A nonprofit publication of the Kentucky Center for Public Service Journalism

Chances to avenge NIT season, improve stock lead Cauley-Stein, Poythress to return to UK


UK fans have become accustomed to freshmen thriving under John Calipari for a season then leaving Lexington for the NBA, but unfinished business led two 2012-13 freshmen to buck that trend.

 

[widgets_on_pages id=”Jon”]

Freshmen forwards Willie Cauley-Stein and Alex Poythress were both projected as possible first round picks in the 2013 NBA draft, but the chance to improve their personal games while playing on what could be one of the most impressive collections of talent in college basketball history was too much to pass up.

 

“I feel like something’s empty, and I want to fill it,” Cauley-Stein said. “Next year we’re going to have a great opportunity to do that.”

 

“I didn’t want to leave with a bad taste in my mouth,” Poythress said. “You didn’t want to end your college career like that.”

 

That bad taste resulted from a season that saw UK set many firsts in the Calipari Era of the negative variety. The Cats suffered the first Rupp Arena loss of the Calipari Era then lost a second game at home. After a dropping their SEC Tournament opener for the first time under Calipari, the Cats missed the NCAA Tournament for the first time since 2009.

 

Willie Cauley-Stein plays versus Robert Morris. (Photo by Jon Hale)

The disappoint season then reached new lows with a NIT first-round loss at Robert Morris.

 

Cauley-Stein and Poythress will look to join with sophomore returner Kyle Wiltjer to put those disappointments behind them. Two more scholarship players, Jarrod Polson and Jon Hood, will graduate in May but still have one year of eligibility remaining.

 

Cauley-Stein, Poythress and Wiltjer accounted for 39.6 percent of UK’s scoring and 59.2 percent of the team’s rebounding last season.

 

Now, the trio will join what has been described by some as the best recruiting class ever on a team that has already been ranked No. 1 in preseason polls despite coming off a first-round NIT loss.

 

Calipari has already signed eight players as part of his 2013 recruiting class, including McDonald’s All-Americans Aaron Harrison, Andrew Harrison, Dakari Johnson, Marcus Lee, Julius Randle and James Young. Kentucky high school standouts Dominique Hawkins and Derek Willis have also signed with UK.

 

The class may not be finished as UK is a finalist for small forward Andrew Wiggins, who Rivals.com ranks as the No. 1 recruit in the nation.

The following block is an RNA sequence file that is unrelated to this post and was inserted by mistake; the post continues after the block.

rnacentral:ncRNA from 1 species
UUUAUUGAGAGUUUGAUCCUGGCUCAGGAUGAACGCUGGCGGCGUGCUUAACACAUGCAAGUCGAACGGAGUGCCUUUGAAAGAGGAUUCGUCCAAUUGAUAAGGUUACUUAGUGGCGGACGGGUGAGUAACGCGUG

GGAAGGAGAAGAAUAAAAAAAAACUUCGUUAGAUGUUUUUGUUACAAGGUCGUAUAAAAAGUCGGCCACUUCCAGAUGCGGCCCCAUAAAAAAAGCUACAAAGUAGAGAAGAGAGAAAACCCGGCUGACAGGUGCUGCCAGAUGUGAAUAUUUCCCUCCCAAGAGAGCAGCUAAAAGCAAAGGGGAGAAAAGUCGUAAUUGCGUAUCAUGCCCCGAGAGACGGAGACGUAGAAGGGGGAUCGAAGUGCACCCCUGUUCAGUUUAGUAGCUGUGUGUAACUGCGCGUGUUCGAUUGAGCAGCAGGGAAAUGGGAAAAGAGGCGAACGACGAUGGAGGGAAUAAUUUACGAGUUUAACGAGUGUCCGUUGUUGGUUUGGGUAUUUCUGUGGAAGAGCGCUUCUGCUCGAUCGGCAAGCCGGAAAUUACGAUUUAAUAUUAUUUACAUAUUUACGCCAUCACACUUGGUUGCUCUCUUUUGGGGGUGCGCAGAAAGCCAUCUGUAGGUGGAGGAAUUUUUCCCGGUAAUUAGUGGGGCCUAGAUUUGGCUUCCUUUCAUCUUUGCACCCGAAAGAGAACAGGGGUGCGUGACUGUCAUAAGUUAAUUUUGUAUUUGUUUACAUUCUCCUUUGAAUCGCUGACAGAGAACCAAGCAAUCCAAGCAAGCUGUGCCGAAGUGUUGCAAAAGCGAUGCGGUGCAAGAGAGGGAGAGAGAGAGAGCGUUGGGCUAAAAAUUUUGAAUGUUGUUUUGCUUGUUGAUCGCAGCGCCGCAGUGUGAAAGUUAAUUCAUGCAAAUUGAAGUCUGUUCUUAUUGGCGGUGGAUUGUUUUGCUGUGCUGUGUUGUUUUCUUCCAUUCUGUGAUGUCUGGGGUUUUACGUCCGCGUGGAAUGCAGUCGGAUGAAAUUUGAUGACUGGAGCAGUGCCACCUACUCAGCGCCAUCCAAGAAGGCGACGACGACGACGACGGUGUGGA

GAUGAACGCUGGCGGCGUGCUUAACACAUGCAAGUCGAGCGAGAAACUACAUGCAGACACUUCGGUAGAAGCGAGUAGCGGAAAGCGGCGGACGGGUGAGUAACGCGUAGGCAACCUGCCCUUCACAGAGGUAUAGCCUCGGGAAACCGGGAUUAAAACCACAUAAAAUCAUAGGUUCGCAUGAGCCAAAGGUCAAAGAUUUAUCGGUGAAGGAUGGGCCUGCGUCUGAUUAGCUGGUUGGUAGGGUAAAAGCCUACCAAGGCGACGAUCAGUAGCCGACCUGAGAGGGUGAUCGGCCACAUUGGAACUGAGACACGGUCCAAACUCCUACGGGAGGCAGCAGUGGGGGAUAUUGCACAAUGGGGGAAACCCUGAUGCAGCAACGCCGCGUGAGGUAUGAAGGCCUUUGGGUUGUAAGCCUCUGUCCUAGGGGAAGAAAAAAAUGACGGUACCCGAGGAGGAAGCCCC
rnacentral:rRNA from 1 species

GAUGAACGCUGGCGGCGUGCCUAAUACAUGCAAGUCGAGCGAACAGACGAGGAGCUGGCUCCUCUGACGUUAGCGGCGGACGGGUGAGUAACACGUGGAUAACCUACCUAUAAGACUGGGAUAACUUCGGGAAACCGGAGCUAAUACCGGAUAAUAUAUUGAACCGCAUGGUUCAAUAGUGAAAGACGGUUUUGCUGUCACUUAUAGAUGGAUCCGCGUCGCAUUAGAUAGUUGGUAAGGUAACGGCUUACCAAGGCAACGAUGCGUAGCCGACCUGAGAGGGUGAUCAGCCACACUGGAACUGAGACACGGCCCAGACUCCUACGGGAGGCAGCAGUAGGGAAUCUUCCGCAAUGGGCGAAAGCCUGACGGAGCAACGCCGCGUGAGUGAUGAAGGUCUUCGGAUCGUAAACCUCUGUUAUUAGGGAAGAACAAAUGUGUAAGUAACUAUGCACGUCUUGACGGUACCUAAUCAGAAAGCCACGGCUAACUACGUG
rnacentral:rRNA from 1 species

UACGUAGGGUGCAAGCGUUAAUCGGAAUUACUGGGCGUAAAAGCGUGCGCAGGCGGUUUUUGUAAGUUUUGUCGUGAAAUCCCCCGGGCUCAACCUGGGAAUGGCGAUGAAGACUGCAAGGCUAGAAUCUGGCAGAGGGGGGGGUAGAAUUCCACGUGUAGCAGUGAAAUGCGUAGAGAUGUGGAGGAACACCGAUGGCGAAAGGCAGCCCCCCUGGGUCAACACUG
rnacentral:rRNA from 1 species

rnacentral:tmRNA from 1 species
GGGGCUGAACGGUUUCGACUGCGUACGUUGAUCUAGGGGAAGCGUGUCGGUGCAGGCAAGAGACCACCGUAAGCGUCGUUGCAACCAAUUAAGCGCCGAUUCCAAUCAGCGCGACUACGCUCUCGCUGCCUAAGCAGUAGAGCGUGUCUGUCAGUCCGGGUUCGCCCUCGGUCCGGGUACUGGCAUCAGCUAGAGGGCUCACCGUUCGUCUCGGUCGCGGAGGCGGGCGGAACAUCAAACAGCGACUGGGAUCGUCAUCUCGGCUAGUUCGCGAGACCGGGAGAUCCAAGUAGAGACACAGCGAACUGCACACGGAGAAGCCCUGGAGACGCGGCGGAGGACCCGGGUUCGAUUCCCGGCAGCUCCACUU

“The potential is unlimited,” Poythress said. “We can do so good. Whatever we want to do is what we can do. The sky is the limit.”

 

Poythress and Cauley-Stein know something about the hype and pressure surrounding highly touted recruits when they arrive at UK.

 

Both players said they will do their best to prepare the newcomers for what to expect.

 

“Every game you play, it’s hype, it’s a Super Bowl for everyone,” Cauley-Stein said. “I think that’s the biggest thing for those freshmen coming in: you have no time to relax when you step in between those lines. It’s all business when you step in there.”

 

That sentiment doesn’t mean Cauley-Stein didn’t have fun as a freshman at UK. He noted the chance to return to Lexington where he is a “celebrity” played a major role in his decision.

 

“I like it around here where people know my name,” he said. “That’s just fun.”

 

Cauley-Stein, who also played football in high school, was the least heralded member of Calipari’s 2012 recruiting class, but he quickly moved out of the shadow of his classmates while focusing solely on basketball for the first time.

 

He averaged 8.3 points and 6.3 rebounds per game to go with 60 blocked shots. After the season-ending injury to star freshman Nerlens Noel, Cauley-Stein averaged 9.5 points, 7.7 rebounds and three blocks per game as a starter.

 

Following the NIT loss, he told reporters he would declare for the draft if his family told him they needed the money, but he sounded like a player who wanted to return to school. Feedback from his coach and family cemented that decision.

 

“They just said it was up to me,” he said of his family. “They survived this far without whatever I was going to make in the pros, so what’s another year or two.”

 

Alex Poythress skies for a dunk versus Samford. (Photo by Jon Hale)

Poythress is UK’s leading returning scorer at 11.2 points and 6.0 rebounds per game as a freshman. He showed glimpses of the talent that had led to him at one time being projected as a top-five NBA draft pick with a stretch of four consecutive 20-point games early in the season, but he also frequently drew Calipari’s ire for inconsistent play and effort level.

 

The chance to define a new reputation was a motivating factor in his decision to return to Lexington.

 

“Just to prove that I belong, prove that I’m not just potential, that I can do whatever I need to do to help my team win,” he said.

 

Cauley-Stein noted a major deficiency with the 2012-13 Cats was the lack of returning players who had already been through the fires as major contributors at UK.

 

With himself, Poythress and Wiltjer returning next season, experience won’t be as big of an issue for the team.

 

That’s doesn’t mean players are already counting on a championship.

 

“We had the potential this year and didn’t capitalize on it, so it could easily be we have the best recruiting class coming in and not doing anything with it,” Cauley-Stein said. “It’s that simple. If you don’t come together and do things right then you’re just a bunch of talented kids that don’t get anything accomplished.”


Related Posts

Leave a Comment